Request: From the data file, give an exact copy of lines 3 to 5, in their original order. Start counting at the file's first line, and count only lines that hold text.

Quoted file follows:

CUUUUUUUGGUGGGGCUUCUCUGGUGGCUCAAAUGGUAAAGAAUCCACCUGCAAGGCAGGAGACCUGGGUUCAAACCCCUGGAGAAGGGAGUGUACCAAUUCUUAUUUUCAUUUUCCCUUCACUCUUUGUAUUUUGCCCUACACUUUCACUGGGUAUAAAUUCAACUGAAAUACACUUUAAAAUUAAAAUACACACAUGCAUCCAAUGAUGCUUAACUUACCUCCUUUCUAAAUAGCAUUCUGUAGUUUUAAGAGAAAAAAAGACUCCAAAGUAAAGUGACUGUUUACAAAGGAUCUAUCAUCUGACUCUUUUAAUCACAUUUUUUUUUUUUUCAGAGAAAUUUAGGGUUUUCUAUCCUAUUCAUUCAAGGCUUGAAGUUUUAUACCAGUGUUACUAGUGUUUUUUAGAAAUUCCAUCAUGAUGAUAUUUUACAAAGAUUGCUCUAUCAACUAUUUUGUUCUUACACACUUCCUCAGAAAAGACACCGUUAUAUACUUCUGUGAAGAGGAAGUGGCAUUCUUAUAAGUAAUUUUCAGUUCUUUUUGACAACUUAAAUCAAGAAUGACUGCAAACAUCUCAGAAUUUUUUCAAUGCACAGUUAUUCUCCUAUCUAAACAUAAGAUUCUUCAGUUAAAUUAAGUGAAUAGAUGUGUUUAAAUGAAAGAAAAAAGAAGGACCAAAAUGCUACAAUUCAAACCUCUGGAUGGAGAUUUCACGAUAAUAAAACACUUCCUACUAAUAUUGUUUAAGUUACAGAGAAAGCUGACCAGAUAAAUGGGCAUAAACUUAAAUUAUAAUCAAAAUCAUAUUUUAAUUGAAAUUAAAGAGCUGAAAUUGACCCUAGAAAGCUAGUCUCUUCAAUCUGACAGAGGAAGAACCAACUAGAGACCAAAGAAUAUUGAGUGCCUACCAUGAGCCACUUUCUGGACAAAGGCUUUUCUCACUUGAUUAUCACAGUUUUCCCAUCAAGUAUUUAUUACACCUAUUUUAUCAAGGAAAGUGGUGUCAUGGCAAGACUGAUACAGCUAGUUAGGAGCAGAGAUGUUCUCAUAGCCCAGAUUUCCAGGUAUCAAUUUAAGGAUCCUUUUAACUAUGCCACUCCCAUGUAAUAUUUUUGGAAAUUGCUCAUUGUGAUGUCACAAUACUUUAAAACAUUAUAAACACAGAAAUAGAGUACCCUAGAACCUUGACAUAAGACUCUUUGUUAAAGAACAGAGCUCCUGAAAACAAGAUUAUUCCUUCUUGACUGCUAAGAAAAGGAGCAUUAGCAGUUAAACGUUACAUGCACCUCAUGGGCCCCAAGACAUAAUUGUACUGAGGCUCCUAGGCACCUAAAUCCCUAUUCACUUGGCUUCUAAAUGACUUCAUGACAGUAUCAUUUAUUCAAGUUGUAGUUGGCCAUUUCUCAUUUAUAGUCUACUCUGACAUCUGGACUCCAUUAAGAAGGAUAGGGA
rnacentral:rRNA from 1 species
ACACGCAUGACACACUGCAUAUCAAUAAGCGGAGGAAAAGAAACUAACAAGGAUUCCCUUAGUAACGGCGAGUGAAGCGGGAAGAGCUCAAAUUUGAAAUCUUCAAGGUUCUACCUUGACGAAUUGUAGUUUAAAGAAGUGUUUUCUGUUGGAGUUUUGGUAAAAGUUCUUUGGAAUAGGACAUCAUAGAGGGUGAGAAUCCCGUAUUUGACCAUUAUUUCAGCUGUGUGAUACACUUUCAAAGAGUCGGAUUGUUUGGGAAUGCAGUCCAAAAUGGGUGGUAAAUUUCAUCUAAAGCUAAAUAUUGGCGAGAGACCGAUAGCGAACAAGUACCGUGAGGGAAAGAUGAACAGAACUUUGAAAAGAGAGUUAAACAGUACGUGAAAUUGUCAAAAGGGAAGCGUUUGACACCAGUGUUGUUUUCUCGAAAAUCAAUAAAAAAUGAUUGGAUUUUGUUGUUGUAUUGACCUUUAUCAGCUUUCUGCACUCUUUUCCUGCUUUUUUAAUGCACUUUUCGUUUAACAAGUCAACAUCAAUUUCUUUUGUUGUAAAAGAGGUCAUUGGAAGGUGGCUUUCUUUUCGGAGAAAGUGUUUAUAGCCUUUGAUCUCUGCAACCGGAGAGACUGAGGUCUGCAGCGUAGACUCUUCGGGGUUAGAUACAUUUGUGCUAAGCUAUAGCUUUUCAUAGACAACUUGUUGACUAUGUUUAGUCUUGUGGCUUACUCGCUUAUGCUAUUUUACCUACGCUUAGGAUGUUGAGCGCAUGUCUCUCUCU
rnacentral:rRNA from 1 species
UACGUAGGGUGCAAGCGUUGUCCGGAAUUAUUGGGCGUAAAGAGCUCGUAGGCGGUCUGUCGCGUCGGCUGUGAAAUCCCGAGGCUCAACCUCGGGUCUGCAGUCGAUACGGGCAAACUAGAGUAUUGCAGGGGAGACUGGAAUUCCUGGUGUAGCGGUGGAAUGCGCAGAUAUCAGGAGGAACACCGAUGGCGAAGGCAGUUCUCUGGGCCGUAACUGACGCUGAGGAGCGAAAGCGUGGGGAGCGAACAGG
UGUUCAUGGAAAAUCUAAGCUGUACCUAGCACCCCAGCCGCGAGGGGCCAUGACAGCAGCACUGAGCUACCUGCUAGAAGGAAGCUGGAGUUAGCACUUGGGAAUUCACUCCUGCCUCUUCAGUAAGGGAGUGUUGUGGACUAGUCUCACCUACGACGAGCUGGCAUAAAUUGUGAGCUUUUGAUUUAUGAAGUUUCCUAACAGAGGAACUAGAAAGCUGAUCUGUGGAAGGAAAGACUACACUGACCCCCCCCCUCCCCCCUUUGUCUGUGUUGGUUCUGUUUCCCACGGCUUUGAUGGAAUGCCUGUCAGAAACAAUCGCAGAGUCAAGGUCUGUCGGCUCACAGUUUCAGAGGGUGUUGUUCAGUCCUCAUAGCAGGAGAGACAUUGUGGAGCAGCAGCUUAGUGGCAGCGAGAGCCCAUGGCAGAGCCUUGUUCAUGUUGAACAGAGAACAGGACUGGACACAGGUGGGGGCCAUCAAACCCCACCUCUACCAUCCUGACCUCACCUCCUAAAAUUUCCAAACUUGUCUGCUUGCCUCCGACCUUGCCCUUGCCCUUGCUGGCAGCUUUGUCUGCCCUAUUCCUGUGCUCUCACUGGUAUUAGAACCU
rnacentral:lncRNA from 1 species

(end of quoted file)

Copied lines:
ACACGCAUGACACACUGCAUAUCAAUAAGCGGAGGAAAAGAAACUAACAAGGAUUCCCUUAGUAACGGCGAGUGAAGCGGGAAGAGCUCAAAUUUGAAAUCUUCAAGGUUCUACCUUGACGAAUUGUAGUUUAAAGAAGUGUUUUCUGUUGGAGUUUUGGUAAAAGUUCUUUGGAAUAGGACAUCAUAGAGGGUGAGAAUCCCGUAUUUGACCAUUAUUUCAGCUGUGUGAUACACUUUCAAAGAGUCGGAUUGUUUGGGAAUGCAGUCCAAAAUGGGUGGUAAAUUUCAUCUAAAGCUAAAUAUUGGCGAGAGACCGAUAGCGAACAAGUACCGUGAGGGAAAGAUGAACAGAACUUUGAAAAGAGAGUUAAACAGUACGUGAAAUUGUCAAAAGGGAAGCGUUUGACACCAGUGUUGUUUUCUCGAAAAUCAAUAAAAAAUGAUUGGAUUUUGUUGUUGUAUUGACCUUUAUCAGCUUUCUGCACUCUUUUCCUGCUUUUUUAAUGCACUUUUCGUUUAACAAGUCAACAUCAAUUUCUUUUGUUGUAAAAGAGGUCAUUGGAAGGUGGCUUUCUUUUCGGAGAAAGUGUUUAUAGCCUUUGAUCUCUGCAACCGGAGAGACUGAGGUCUGCAGCGUAGACUCUUCGGGGUUAGAUACAUUUGUGCUAAGCUAUAGCUUUUCAUAGACAACUUGUUGACUAUGUUUAGUCUUGUGGCUUACUCGCUUAUGCUAUUUUACCUACGCUUAGGAUGUUGAGCGCAUGUCUCUCUCU
rnacentral:rRNA from 1 species
UACGUAGGGUGCAAGCGUUGUCCGGAAUUAUUGGGCGUAAAGAGCUCGUAGGCGGUCUGUCGCGUCGGCUGUGAAAUCCCGAGGCUCAACCUCGGGUCUGCAGUCGAUACGGGCAAACUAGAGUAUUGCAGGGGAGACUGGAAUUCCUGGUGUAGCGGUGGAAUGCGCAGAUAUCAGGAGGAACACCGAUGGCGAAGGCAGUUCUCUGGGCCGUAACUGACGCUGAGGAGCGAAAGCGUGGGGAGCGAACAGG